25. Historian R. J Rummel, an expert on democide (murder by government), estimates that in the 20th Century, American government killed over 500,000 people, mostly non-combatants killed during bombing raids in foreign wars.
26. The relative rarity of democide against American citizens is consistent with the notion that a well-armed populace deters democide.
27. In Federalist No. 46, James Madison argued that there is no reason to be concerned about the federal government becoming tyrannical in part because of “the advantage of being armed, which the Americans possess over the people of almost every other nation. . .”
28. Madison, in effect, argued that the armed populace would defeat the Federal Government’s “standing army” in battle!
29. If the drive to deprive Americans of their right to bear arms continues, Americans could soon be as vulnerable to democide as any other people.
The Purpose of the Right to Bear Arms
30. The appearance of the signposts of tyrannical government would trigger the right of the people to alter or abolish their government using the tools provided by the right to bear arms, that right being the guarantor of the right of revolution recognized in the Declaration of Independence.
31. The right of revolution, stated by Jefferson and Lincoln and put into practice by Washington, is itself simply the manifestation of the fact that the people, not the government, have ultimate and unalienable sovereign power.
32. Thus, the currently fashionable and shallow approach of treating the right to bear arms as merely a nuisance standing in the way of the battle against street crime, is rooted in willful historical ignorance.
33. The Supreme Court has held that the right to bear arms is a “fundamental right.” McDonald v. Chicago, 561 U.S. 742, 778 (2010).
34. The right to bear arms is entitled to at least the same amount of respect, protection and enforcement that is provided to the other fundamental rights such as free speech, petition, assembly and due process.
35. If there is to be any disparate treatment of the right to bear arms due to its unique nature, it should be given even greater respect, protection and enforcement than the other rights because, logically, historically and empirically, it is the most important right enumerated in the Bill of Rights; it is the right that protects and guarantees all the others.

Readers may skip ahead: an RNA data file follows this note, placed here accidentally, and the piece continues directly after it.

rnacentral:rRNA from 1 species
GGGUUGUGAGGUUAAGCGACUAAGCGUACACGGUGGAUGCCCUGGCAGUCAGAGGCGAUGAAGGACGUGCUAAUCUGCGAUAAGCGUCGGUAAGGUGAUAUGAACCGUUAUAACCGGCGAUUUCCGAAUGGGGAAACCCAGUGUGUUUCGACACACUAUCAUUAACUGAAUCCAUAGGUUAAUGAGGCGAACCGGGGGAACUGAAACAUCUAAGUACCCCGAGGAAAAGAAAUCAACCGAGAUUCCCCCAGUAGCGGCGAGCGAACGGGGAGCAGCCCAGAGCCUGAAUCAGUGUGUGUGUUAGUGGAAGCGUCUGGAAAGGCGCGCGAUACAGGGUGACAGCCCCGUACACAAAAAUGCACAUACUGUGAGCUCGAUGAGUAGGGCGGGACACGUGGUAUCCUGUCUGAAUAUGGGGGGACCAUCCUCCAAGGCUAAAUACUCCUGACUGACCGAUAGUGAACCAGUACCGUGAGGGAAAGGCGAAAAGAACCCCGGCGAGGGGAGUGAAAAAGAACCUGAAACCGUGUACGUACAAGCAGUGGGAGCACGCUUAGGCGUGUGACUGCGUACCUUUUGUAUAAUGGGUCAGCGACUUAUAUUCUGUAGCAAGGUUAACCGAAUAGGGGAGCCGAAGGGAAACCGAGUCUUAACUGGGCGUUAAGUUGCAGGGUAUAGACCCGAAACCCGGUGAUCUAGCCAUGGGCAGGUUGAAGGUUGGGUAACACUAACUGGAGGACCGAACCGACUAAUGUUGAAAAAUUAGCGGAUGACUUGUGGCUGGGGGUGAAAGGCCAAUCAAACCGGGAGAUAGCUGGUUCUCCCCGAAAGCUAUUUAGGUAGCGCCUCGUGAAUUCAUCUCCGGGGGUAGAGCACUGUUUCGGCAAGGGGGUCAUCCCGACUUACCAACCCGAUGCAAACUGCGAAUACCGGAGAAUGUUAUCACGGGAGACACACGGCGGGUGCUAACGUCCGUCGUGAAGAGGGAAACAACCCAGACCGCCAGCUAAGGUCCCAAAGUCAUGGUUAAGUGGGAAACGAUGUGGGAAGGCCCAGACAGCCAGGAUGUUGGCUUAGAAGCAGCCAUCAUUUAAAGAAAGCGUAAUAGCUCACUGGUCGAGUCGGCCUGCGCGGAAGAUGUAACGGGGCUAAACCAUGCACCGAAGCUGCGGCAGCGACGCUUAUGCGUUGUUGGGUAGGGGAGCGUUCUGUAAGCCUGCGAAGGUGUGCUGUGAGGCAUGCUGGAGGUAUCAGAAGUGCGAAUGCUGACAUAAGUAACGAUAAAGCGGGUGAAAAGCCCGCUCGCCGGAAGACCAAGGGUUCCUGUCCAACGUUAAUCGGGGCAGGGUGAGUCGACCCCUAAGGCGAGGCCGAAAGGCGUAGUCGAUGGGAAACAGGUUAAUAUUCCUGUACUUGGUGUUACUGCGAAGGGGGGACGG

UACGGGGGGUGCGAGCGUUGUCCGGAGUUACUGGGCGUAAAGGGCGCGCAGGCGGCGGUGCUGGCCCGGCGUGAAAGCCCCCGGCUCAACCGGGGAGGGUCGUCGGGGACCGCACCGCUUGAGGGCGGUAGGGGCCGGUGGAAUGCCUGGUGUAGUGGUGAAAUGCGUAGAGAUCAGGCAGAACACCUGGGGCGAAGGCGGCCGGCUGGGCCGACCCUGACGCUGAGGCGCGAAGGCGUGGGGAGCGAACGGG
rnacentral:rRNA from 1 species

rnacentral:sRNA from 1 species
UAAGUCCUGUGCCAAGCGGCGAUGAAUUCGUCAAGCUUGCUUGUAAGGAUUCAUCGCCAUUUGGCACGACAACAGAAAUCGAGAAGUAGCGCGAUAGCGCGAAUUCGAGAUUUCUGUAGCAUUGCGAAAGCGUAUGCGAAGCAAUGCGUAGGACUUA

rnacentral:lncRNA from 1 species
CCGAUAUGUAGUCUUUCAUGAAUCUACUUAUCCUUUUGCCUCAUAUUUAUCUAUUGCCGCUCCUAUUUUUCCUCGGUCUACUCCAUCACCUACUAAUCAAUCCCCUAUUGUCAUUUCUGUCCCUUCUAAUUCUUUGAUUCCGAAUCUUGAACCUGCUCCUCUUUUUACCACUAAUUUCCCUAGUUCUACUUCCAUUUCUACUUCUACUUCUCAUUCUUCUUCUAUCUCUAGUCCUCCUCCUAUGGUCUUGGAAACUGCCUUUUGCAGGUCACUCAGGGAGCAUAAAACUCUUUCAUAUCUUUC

36. Unlike the rights to free speech, religion, assembly and petition, being deprived of the right to bear arms can result in immediate death at the hands of a criminal or a tyrannical government (see, e.g., Kent State, Wounded Knee), such death rendering the entire remainder of the Bill of Rights moot and meaningless at that point.
37. Each year in the United States, there are numerous reports of police misconduct and many fatalities associated with those complaints.
38. At the same time when New York State is aggressively attacking the people’s right to bear arms, law enforcement is rapidly escalating its own firepower.
39. According to a study by the Cato Institute, “Over the last 25 years, America has seen a disturbing militarization of its civilian law enforcement, along with a dramatic and unsettling rise in the use of paramilitary police units (most commonly called Special Weapons and Tactics, or SWAT) for routine police work. The most common use of SWAT teams today is to serve narcotics warrants, usually with forced, unannounced entry into the home. These increasingly frequent raids, 40,000 per year by one estimate, are needlessly subjecting nonviolent drug offenders, bystanders, and wrongly targeted civilians to the terror of having their homes invaded while they’re sleeping, usually by teams of heavily armed paramilitary units dressed not as police officers but as soldiers. These raids bring unnecessary violence and provocation to nonviolent drug offenders, many of whom were guilty of only misdemeanors. The raids terrorize innocents when police mistakenly target the wrong residence. And they have resulted in dozens of needless deaths and injuries, not only of drug offenders, but also of police officers, children, bystanders, and innocent suspects.” (“Overkill: The Rise of Paramilitary Police Raids in America,” by Radley Balko, July 17, 2006.)
40. Furthermore, historically, it was the right to bear arms, exercised by the Colonists at Lexington and Concord to defeat the British gun control expedition that ultimately allowed the Colonists to form their own government and enshrine the other rights into the Bill of Rights after the war was won.
New York Gun Laws
41. Presently, in the State of New York, the plaintiffs cannot lawfully purchase, possess, carry, keep or bear a “firearm” in their home as that term is defined in the New York without the permission of local officials. N.Y. PEN. LAW § 265.00(3).